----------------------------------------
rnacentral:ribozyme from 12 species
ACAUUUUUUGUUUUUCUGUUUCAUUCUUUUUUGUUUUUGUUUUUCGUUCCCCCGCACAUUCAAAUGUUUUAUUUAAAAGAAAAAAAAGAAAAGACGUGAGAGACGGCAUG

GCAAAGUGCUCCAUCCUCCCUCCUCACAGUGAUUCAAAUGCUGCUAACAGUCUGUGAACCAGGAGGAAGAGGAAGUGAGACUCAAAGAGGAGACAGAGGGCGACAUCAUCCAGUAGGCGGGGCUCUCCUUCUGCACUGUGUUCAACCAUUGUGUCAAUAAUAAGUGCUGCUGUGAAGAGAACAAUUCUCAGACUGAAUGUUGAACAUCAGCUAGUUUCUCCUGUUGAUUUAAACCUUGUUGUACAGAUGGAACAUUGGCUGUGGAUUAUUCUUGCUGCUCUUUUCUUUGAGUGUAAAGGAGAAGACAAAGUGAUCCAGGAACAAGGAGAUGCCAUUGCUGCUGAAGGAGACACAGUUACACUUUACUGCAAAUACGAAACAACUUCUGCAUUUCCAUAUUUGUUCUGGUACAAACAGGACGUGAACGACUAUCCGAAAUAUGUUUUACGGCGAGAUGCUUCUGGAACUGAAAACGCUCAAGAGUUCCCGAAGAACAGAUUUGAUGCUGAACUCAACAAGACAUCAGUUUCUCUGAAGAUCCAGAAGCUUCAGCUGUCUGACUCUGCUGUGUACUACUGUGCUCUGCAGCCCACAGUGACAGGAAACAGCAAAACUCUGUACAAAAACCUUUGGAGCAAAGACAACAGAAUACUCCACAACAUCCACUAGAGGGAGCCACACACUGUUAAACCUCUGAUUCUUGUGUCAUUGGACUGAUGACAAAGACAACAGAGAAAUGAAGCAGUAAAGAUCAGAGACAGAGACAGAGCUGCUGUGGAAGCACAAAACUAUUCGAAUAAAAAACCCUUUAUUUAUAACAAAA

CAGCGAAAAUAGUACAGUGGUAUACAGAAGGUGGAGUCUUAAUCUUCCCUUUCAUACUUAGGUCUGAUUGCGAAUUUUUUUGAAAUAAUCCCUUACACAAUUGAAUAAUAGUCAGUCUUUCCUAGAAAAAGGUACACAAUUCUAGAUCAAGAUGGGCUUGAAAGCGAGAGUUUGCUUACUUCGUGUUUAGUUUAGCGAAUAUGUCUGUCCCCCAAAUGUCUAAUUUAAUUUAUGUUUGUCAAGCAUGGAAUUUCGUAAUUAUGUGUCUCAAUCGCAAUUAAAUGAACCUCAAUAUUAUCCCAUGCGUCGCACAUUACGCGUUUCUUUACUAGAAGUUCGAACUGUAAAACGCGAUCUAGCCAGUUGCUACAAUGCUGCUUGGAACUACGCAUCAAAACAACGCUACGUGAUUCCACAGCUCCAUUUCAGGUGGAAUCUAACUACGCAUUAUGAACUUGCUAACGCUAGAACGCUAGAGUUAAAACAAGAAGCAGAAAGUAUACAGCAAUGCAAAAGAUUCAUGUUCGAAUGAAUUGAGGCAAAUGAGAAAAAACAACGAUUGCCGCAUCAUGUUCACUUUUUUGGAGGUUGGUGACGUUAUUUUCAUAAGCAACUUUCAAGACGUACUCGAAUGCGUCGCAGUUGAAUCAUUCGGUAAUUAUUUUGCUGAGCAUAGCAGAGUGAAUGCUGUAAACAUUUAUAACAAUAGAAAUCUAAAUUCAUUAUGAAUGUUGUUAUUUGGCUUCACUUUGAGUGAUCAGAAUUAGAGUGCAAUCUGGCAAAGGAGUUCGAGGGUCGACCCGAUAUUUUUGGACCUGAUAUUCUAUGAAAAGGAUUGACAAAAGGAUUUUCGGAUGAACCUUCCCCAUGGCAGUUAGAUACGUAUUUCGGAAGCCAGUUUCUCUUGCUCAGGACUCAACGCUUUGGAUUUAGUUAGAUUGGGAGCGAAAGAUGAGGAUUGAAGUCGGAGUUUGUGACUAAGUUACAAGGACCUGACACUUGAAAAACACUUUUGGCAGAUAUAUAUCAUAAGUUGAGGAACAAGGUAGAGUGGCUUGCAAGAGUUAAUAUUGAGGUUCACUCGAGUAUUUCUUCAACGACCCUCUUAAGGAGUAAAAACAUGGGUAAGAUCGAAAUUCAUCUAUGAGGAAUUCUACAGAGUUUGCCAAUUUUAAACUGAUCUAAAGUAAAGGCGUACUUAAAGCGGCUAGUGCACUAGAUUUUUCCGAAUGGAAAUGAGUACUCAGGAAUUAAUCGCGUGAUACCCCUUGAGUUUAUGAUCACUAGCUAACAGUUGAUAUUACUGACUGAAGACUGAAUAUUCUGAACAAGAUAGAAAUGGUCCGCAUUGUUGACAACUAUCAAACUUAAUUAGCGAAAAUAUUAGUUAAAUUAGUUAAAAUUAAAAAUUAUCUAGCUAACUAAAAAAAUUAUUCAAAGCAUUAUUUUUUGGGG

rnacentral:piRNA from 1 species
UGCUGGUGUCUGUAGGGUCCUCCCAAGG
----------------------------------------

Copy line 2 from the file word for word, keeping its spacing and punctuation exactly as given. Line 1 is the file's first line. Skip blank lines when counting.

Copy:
ACAUUUUUUGUUUUUCUGUUUCAUUCUUUUUUGUUUUUGUUUUUCGUUCCCCCGCACAUUCAAAUGUUUUAUUUAAAAGAAAAAAAAGAAAAGACGUGAGAGACGGCAUG